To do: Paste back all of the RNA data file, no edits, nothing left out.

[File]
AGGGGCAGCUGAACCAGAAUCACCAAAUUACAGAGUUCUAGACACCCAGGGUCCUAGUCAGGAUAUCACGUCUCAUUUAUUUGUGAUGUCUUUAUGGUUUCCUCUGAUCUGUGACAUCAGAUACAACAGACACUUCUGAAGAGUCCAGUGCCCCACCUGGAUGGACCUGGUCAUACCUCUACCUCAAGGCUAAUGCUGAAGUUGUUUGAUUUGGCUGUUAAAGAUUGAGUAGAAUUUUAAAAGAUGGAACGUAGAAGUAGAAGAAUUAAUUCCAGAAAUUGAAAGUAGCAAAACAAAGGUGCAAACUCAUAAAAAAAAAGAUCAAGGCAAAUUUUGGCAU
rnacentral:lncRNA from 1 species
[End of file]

AGGGGCAGCUGAACCAGAAUCACCAAAUUACAGAGUUCUAGACACCCAGGGUCCUAGUCAGGAUAUCACGUCUCAUUUAUUUGUGAUGUCUUUAUGGUUUCCUCUGAUCUGUGACAUCAGAUACAACAGACACUUCUGAAGAGUCCAGUGCCCCACCUGGAUGGACCUGGUCAUACCUCUACCUCAAGGCUAAUGCUGAAGUUGUUUGAUUUGGCUGUUAAAGAUUGAGUAGAAUUUUAAAAGAUGGAACGUAGAAGUAGAAGAAUUAAUUCCAGAAAUUGAAAGUAGCAAAACAAAGGUGCAAACUCAUAAAAAAAAAGAUCAAGGCAAAUUUUGGCAU
rnacentral:lncRNA from 1 species